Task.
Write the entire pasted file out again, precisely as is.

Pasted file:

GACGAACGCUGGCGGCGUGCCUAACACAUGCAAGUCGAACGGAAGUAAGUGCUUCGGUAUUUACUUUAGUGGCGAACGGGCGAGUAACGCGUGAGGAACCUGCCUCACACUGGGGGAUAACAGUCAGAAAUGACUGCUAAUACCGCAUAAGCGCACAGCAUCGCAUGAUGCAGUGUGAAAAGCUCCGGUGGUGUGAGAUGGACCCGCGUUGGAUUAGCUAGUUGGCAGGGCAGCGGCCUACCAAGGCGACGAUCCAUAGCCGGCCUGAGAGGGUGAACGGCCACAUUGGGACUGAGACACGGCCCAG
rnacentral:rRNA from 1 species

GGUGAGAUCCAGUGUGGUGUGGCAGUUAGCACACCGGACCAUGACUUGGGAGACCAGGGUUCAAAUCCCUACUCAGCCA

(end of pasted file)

GACGAACGCUGGCGGCGUGCCUAACACAUGCAAGUCGAACGGAAGUAAGUGCUUCGGUAUUUACUUUAGUGGCGAACGGGCGAGUAACGCGUGAGGAACCUGCCUCACACUGGGGGAUAACAGUCAGAAAUGACUGCUAAUACCGCAUAAGCGCACAGCAUCGCAUGAUGCAGUGUGAAAAGCUCCGGUGGUGUGAGAUGGACCCGCGUUGGAUUAGCUAGUUGGCAGGGCAGCGGCCUACCAAGGCGACGAUCCAUAGCCGGCCUGAGAGGGUGAACGGCCACAUUGGGACUGAGACACGGCCCAG
rnacentral:rRNA from 1 species

GGUGAGAUCCAGUGUGGUGUGGCAGUUAGCACACCGGACCAUGACUUGGGAGACCAGGGUUCAAAUCCCUACUCAGCCA